We sounded a somewhat irreverent alarm over 25 years ago about the state of children’s curriculum in churches. The book that my wife Joani and I wrote, Why Nobody Learns Much of Anything at Church, caused quite a little discomfort.

At the time, most student materials were inundated with silly busywork–word scrambles, puzzles, and fill-in-the-blanks. I’m sure the writers were well-intentioned, trying to be creative. But the results were very disappointing. Precious time was squandered on empty activity that did not help children’s spiritual growth. And the “hidden curriculum” of such activity was dangerous–sending a message that the Bible is a tedious exercise, intentionally obscuring its truths.

How far have we come since then? Though we’ve seen some progress, many curriculum providers continue to churn out banal worksheets that pickle kids’ minds. A recent review of current children’s Sunday school and vacation Bible school materials revealed many examples of meaningless busywork. Here’s a sample:

The vowels are missing below. Fill them in to read an important message.
G___ ___ D  TH___NGS  W___LL  C___M___  T___  TH___S___  WH___  ___R___
F___ ___ R ___N  ___V___RY TH___NG TH___Y D___.

This constitutes a pathetic waste of time–especially when we consider most churches have just an hour or less to spend with children per week.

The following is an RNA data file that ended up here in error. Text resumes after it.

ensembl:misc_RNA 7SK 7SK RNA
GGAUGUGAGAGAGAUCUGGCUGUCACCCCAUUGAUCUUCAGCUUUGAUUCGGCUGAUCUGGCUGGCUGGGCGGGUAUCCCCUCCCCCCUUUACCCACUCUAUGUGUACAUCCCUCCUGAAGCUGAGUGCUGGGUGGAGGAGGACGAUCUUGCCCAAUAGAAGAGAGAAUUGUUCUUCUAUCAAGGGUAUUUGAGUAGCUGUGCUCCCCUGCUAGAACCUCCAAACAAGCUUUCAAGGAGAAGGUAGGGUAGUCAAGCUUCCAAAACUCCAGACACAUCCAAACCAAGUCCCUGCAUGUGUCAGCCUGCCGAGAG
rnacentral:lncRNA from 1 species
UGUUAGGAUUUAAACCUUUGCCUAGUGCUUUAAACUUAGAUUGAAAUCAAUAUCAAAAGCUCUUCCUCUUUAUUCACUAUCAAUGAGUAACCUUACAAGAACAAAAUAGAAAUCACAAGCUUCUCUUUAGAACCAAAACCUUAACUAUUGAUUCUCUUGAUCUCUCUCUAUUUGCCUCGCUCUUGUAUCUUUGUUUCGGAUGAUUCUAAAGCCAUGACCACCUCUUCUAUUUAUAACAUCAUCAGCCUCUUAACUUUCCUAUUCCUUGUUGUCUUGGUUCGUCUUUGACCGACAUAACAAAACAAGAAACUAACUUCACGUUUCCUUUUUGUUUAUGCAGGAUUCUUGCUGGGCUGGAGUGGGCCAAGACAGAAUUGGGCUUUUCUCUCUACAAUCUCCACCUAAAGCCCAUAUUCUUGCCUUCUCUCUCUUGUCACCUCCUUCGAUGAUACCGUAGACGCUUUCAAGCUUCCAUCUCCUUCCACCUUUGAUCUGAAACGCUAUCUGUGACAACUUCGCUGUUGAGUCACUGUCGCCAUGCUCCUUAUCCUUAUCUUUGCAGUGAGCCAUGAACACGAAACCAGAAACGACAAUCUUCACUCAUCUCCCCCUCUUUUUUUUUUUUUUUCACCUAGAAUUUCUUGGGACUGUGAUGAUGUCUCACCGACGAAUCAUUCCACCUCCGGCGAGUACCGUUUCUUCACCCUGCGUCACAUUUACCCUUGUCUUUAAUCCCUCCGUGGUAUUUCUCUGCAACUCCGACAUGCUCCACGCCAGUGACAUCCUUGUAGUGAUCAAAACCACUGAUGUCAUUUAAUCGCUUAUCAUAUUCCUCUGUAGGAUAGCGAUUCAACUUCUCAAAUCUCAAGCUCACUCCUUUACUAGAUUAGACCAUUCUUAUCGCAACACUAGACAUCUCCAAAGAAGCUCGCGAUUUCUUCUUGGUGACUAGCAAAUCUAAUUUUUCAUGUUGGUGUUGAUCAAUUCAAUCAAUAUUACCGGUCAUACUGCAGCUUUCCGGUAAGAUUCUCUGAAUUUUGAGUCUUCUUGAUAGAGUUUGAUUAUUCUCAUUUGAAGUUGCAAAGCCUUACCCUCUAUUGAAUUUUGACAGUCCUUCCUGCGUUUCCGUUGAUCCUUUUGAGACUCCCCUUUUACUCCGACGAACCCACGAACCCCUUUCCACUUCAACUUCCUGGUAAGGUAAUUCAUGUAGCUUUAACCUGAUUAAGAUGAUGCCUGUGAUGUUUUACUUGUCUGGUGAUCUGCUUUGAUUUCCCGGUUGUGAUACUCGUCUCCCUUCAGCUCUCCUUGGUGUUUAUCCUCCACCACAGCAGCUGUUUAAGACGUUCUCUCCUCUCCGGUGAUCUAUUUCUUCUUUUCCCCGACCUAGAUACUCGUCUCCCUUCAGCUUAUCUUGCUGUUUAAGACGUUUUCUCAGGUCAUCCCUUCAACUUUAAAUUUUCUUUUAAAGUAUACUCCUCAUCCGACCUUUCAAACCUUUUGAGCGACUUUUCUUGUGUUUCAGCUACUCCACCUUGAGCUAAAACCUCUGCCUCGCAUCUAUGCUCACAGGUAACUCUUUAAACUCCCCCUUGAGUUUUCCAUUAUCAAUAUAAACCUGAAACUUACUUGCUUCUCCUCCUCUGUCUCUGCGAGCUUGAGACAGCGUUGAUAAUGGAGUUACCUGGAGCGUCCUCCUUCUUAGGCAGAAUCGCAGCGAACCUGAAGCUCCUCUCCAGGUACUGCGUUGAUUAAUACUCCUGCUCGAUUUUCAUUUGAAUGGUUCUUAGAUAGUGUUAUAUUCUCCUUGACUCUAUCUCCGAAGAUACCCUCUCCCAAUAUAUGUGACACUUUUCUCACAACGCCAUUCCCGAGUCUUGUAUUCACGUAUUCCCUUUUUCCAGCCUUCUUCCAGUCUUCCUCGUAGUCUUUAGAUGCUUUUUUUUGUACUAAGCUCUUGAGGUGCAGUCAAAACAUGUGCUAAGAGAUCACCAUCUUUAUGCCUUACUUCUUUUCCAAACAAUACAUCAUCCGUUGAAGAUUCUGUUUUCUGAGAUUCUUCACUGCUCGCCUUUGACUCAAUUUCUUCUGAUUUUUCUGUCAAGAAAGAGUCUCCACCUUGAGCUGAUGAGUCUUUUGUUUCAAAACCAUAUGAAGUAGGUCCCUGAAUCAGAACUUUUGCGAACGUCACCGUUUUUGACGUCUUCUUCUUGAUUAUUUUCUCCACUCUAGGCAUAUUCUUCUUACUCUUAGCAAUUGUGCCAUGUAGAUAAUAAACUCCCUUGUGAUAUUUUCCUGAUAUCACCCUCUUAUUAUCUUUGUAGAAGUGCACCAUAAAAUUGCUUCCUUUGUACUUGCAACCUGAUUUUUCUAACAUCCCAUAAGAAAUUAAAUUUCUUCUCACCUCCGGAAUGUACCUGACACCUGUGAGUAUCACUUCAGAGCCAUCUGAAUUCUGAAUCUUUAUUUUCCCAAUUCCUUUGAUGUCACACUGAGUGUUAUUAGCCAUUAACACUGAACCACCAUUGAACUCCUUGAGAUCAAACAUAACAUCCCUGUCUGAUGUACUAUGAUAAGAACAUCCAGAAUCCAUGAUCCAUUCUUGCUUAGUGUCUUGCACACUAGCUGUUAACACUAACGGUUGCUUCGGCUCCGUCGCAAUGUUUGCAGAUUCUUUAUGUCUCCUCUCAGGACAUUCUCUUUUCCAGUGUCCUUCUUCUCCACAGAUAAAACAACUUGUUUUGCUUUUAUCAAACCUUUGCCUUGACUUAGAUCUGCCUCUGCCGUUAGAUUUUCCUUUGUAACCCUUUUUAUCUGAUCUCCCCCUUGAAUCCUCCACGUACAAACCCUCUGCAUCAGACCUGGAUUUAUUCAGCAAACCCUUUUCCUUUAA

In our book, we quoted educator Frank Smith, who said such word puzzles and fill-in-the-blanks “teach children nothing about the way people employ spoken or written language. Filling in blanks is not the way anyone uses language, spoken or written. No one ever says to a child, ‘Put on your _______________ and we’ll go to the game as soon as you guess the missing word.'” Smith, also author of Insult to Intelligence, said such classroom exercises are “irrelevant and misleading.”

This is advice we’ve passed along to our curriculum developers at Group Publishing for decades. You won’t find this stuff in Group’s curriculum or VBS. Instead, we’ve sought to model our teaching times after Jesus’ healthy approach–using stories, meaningful experiences, and conversation to embed life-changing learning.

But others persist in using counter-productive methodology in the church. In fact, the fill-in-the-blank contagion has spread to adult Bible studies and even sermon times. Again, I’m sure it’s well-intentioned. But it raises questions of stewardship when we have no time to waste.